Clay argues that FBI Agent Rodney Hays took statements by Jeron Marshall exculpating Clay that Hays recorded in his interview notes and made them inculpatory when Hays drafted his 302 report from his interview notes. Karen Whatley, the Assistant United States Attorney assigned to Clay's case, based the narrative summaries that she presented to the grand jury on Hays's 302 reports. Because the changes Hays made to Marshall's statements that he recorded in his interview notes when he wrote his 302 report were carried over to the narrative summary of Marshall's testimony, Clay argues that the Government improperly misled the grand jury by presenting the narrative summary.

Hays's interview notes are just notes. They were not presented to the grand jury. They do not represent the sworn testimony of Marshall but only notes by which Hays could later call to mind what Marshall had told him. What is important is that in Marshall's grand jury testimony -- the only sworn testimony of Marshall contained in the record, Marshall testified under oath that all the information contained in the narrative summary was true. Clay has not shown that Marshall's grand jury testimony was false or misleading in any way.

Furthermore, in the two instances where Clay alleges that Hays changed Marshall's statements about Clay from being exculpatory to inculpatory, the changes are insignificant. Hays wrote in his notes of Marshall's interview, "Alvin is a good attorney. If he felt it was questionable he would do something about it." Hays wrote in the 302 report, "Clay is a good attorney and if he felt that he was doing something questionable, he would do something about it." Hays also wrote in the interview notes, "I don't think it was a real company. He was going to subcontract work to Donny. All three confirmed that this is how it was happening." Then he wrote in the 302 report, "Marshall stated 'I don't think it was a real company.' Marshall believed this because of discussion she had with McCuien, Nealy, and Clay during the time she was employed there. Clay stated that McCuien was supposedly a subcontractor and was responsible for some of the work." These differences between the notes and the 302's hardly show an intent to mislead.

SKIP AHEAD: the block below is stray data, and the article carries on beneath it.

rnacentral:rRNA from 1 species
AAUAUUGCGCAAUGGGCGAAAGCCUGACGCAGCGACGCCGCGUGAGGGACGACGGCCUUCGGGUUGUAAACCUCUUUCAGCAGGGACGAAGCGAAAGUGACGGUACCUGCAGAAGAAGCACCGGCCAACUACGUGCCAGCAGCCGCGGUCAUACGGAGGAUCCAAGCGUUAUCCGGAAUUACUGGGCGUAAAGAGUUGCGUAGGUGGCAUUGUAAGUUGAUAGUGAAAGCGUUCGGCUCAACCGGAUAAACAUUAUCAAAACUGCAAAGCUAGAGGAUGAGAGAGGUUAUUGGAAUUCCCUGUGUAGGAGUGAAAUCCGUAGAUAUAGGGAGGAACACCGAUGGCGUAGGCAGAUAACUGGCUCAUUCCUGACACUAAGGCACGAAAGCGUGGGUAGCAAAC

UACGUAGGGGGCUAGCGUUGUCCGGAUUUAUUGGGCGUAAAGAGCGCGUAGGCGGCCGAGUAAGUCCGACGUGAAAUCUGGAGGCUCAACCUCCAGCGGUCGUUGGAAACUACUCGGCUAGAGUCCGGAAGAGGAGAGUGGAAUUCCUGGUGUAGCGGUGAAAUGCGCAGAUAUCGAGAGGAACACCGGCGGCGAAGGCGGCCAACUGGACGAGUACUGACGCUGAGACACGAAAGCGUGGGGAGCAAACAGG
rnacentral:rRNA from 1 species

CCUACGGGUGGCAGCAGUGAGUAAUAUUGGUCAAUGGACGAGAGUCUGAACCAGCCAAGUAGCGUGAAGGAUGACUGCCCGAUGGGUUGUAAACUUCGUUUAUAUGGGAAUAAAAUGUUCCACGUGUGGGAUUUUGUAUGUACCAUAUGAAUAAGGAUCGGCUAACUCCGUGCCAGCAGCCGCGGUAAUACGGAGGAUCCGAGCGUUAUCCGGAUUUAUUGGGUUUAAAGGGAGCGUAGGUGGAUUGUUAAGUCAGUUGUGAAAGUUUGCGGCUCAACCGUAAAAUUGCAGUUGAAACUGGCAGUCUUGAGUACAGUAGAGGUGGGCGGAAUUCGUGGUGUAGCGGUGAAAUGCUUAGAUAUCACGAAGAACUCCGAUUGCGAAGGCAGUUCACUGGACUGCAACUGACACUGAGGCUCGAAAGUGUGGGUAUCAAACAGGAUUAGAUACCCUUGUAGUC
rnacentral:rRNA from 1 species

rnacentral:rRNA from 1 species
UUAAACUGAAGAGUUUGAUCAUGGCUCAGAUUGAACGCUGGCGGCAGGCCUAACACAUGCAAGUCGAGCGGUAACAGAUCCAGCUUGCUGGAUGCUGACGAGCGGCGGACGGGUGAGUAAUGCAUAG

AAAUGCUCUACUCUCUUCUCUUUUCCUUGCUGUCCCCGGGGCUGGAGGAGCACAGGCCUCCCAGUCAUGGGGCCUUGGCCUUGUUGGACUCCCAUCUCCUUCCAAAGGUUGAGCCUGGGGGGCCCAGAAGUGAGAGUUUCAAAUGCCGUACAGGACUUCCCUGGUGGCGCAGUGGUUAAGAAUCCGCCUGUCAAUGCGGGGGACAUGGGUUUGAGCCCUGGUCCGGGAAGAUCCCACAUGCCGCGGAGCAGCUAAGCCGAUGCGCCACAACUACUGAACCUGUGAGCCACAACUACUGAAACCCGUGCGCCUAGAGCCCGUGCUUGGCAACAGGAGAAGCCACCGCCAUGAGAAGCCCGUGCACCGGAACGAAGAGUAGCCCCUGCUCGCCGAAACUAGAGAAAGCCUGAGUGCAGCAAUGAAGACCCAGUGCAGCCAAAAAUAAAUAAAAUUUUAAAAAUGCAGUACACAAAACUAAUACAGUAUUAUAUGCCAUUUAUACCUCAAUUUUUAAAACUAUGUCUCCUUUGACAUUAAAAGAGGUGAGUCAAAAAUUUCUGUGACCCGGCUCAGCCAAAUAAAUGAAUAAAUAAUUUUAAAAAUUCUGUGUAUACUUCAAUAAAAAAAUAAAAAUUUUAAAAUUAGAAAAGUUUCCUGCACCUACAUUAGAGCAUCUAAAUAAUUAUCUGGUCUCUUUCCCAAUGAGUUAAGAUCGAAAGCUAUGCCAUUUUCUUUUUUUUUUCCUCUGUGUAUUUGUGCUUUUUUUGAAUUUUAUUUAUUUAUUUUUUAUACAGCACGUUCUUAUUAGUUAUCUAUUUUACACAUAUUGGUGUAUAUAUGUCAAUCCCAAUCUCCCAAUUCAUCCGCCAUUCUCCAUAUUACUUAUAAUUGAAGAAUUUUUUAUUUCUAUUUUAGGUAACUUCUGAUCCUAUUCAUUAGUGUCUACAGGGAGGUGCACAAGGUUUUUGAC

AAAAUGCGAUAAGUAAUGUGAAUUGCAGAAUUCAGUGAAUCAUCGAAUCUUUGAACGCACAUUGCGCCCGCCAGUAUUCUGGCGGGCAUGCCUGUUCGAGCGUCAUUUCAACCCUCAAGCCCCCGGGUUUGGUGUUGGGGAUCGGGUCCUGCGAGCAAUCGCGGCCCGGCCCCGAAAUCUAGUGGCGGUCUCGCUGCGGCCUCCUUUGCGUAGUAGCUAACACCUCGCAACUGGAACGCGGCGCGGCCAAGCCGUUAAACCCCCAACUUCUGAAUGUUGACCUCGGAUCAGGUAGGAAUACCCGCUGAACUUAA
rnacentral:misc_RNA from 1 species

Even if Clay could show that Hays changed Marshall's statements from being exculpatory to inculpatory, the undisputed testimony of Whatley was that she had never seen Hays's interview notes. Whatley could therefore not have knowingly presented perjured or misleading testimony to the grand jury when she presented the narrative summary of Marshall's statements. Cf. Bank of Nova Scotia v. United States, 487 U.S. 250, 261, 108 S.Ct. 2369, 2377, 101 L.Ed. 2d 228 (1988) (finding no prosecutorial misconduct even where IRS agents gave misleading and inaccurate summaries to the grand jury because "the finding that the prosecutors knew the evidence to be false or misleading . . . [was] clearly erroneous"). Clay's assertion of prosecutorial misconduct with regard to Hays's re-writing of Marshall's statements fails.


In addition to Hays's changes to his interview notes of Marshall, Clay asserts that Hays gave false testimony in four other instances that justify the dismissal of the first superseding indictment:

(1) Hays stated that Clay and Nealy started the fraudulent scheme and McCuien was brought in only after the scheme was in operation, but Hays later became aware that McCuien "was more involved on the front end"; (2) Hays stated that Clay Construction never worked on any property of which he was aware, but Hays later learned that Graylon McFadden had worked on one project on behalf of Clay Construction unrelated to the properties that were the subject of the charges against Clay; (3) Hays stated that Clay had written checks to McCuien from the Clay Construction account but those checks "didn't total close to $70,000," when Clay had in fact written checks in the amount of $80,000 to McCuien; and (4) Hays testified that Clay received the vast majority of the $133,000 from the invoices submitted to the title companies even though he had evidence of the $80,000 in checks from Clay Construction to McCuien.

For an indictment to be dismissed on account of false testimony presented to the grand jury, the defendant must show prejudice amounting to either "proof that the grand jury's decision to indict was substantially influenced, or that there is 'grave doubt' that the decision to indict was substantially influenced, by testimony which was inappropriately before it." United States v. Feurtado, 191 F.3d 420, 424 (4th Cir. 1999) (citing Bank of Nova Scotia, 487 U.S. at 256, 108 S.Ct. at 2374). A district court may not dismiss an indictment for errors in grand jury proceedings unless such errors prejudiced the defendants. United States v. Brooks, 125 F.3d 484, 497 (7th Cir. 1997).